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Federn, P. (1947). Notes. Psychoanal Q., 16:595-597.

(1947). Psychoanalytic Quarterly, 16:595-597

Notes

Paul Federn

The frontispiece of this issue is the photograph of a statue of Freud by the Yugoslav sculptor, Olem Nemon. The statue was presented to the NEW YORK PSYCHOANALYTIC SOCIETY AND INSTITUTE, November 12th, 1947, by an anonymous donor who feels that he owes a deep debt of gratitude to the United States and to Freud. Dr. Sandor Lorand presided as chairman of the presentation. Addresses were made by Dr. A. A. Brill—Freud in America—and by Dr. Paul Federn—Freud Amongst Us, His Followers. The statue was unveiled by Dr. Brill in the presence of the sculptor. The story of Freud's statue is related by Dr. Federn as follows:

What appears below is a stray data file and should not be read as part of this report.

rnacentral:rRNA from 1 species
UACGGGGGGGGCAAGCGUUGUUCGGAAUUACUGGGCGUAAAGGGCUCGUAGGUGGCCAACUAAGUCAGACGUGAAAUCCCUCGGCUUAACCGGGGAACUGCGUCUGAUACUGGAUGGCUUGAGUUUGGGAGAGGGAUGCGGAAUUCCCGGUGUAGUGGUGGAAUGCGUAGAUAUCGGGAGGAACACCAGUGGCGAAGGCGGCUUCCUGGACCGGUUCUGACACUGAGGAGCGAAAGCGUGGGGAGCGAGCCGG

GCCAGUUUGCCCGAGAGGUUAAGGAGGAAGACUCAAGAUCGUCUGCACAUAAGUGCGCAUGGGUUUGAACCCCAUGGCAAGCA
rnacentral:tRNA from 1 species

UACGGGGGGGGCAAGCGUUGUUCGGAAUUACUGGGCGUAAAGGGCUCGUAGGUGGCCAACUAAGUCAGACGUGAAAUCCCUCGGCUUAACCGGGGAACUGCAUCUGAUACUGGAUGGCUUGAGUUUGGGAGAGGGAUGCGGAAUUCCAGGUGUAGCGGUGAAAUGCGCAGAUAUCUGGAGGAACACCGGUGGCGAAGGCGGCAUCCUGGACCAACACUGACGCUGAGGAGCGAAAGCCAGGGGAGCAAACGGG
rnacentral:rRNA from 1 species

'Freud did not like to sit as model; with reluctance he yielded to friends and relatives who intensely wished a portrait of him. The excuse for his reluctance was that his photographs were excellent while painting or sculpting took so much time and the outcome was problematic. Twice I introduced to him young painters who showed originality and skill, but while working they became embarrassed and were not able to render the personality. Therefore it was with the hesitance of a diplomat that I once more approached Freud before his seventy-fifth birthday with the very young but already renowned sculptor, Mr. Olem Nemon. After introducing the artist to Freud in the garden of his summer home in Poetzleinsdorf, a suburb of Vienna, he was left alone to show the Professor a collection of photographs of his works. Freud immediately became interested in what Nemon had to say, and liked the originality of his work as well as the man himself.

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